Appleby Reports Offshore Incorporation Activity

30 Jul, 2013

In their latest survey on Company Incorporation activity in the major offshore markets, Appleby, one of the world’s largest providers of offshore legal, fiduciary and administration services, reports a decrease of 3.6% in the second half of 2012 compared with Q1 and Q2 2012, indicating the impact of uncertain global economic conditions across the majority of the offshore markets.


However, according to Appleby’s latest On the Register Report, which analyses incorporations in the British Virgin Islands, Cayman Islands, Bermuda, the Crown Dependencies, Mauritius and Seychelles, and also provides insights into how activity in these jurisdictions compares to financial centres such as the UK and Hong Kong, there are grounds for optimism in 2013 as Bermuda reports a 7% increase and the comparative market of Hong Kong also shows an increase in new company registrations. These are good market indicators for the health of offshore jurisdictions.


“There are signs that 2013 will be a watershed year in terms of seeing a universal return to pre-2009 activity levels across the offshore jurisdictions,” said Farah Ballands, Partner and Global Head of Fiduciary & Administration Services at Appleby.


Geographically, the British Virgin Islands (BVI) continues to dominate the volume of new company incorporations offshore. The trend in the formation of companies in the information, technology, natural resources, mining and extraction sectors continues, with heightened activity in telecommunications and global project and infrastructure work in the robust markets of Africa, Canada, Latin America, Mongolia and Australia all of which is driving demand for BVI vehicles.


Minimal Growth in 2012

Taking the entire year into account, the total number of active companies, with most jurisdictions showing little movement from the previous year as new company formations cancelled out the numbers leaving the registries.


Hong Kong saw a 9% increase in the total number of active registered companies, with the local register there breaking through the one million mark for the first time. The Mauritius and Cayman registries are steadily returning to their pre-recession peaks experiencing a 3% and 1% rise respectively.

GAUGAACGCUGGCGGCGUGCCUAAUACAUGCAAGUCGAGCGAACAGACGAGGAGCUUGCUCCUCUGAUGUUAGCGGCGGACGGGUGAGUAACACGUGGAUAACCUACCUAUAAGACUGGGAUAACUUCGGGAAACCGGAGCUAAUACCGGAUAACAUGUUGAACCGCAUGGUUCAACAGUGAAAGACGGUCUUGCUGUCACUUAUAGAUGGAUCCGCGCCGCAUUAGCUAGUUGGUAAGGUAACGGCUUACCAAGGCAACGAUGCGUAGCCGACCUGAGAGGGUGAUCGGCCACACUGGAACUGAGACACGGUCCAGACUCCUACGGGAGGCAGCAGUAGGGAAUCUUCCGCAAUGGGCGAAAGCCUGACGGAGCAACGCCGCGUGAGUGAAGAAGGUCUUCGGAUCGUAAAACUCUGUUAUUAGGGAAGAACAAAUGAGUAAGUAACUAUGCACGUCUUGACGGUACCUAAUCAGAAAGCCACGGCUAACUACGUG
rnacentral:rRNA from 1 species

“Continued uncertainty in some markets and the shift in focus from China/Asia to Africa for jurisdictions like Mauritius and the Seychelles are preventing a speedy return to the numbers of company formations recorded prior to the global economic crisis,” Ms. Ballands said. “Add to this several major international events during the second half of 2012 including the US Presidential Elections, continued economic uncertainties in the Eurozone and the once-in-a-decade change in leadership in China, and it’s hard to be surprised at the company registrations barometer struggling to improve quickly but we are seeing growth in some markets.”


The story is similar for overall growth rates in new company incorporations for the majority of jurisdictions stayed at minimal levels last year, which proved to be a year of consolidation following large increases in annual new incorporations between 2009-2011.


Among the report’s key findings is that in the second half of 2012:

  • Overall volumes of new offshore companies being registered were 11% lower in Q3/Q4 2012 than the preceding six months. After a busy first half of the year, jurisdictions including the Isle of Man, Mauritius, Cayman and the British Virgin Islands were approximately 10% down in the latter half.
  • BVI dominates offshore new company registration activity by volume, maintaining a six-fold lead ahead of its nearest comparator, the Cayman Islands.
  • Year on year, Guernsey is the only offshore jurisdiction revealing growth in new company registration activity with a 1% increase between 2011 and 2012.
  • Mauritius is the offshore economy witnessing the greatest growth rate in total number of companies on its register, with a 3% increase between 2011-2012. 
  • The UK and Hong Kong, as comparators, continue to show signs of recovery.  Hong Kong was the only jurisdiction indicating real growth between Q1/Q2 2012 and Q3/Q4 with a 7% increase in registrations.  Both Hong Kong and the UK are back to registration levels well above those recorded in 2009. 

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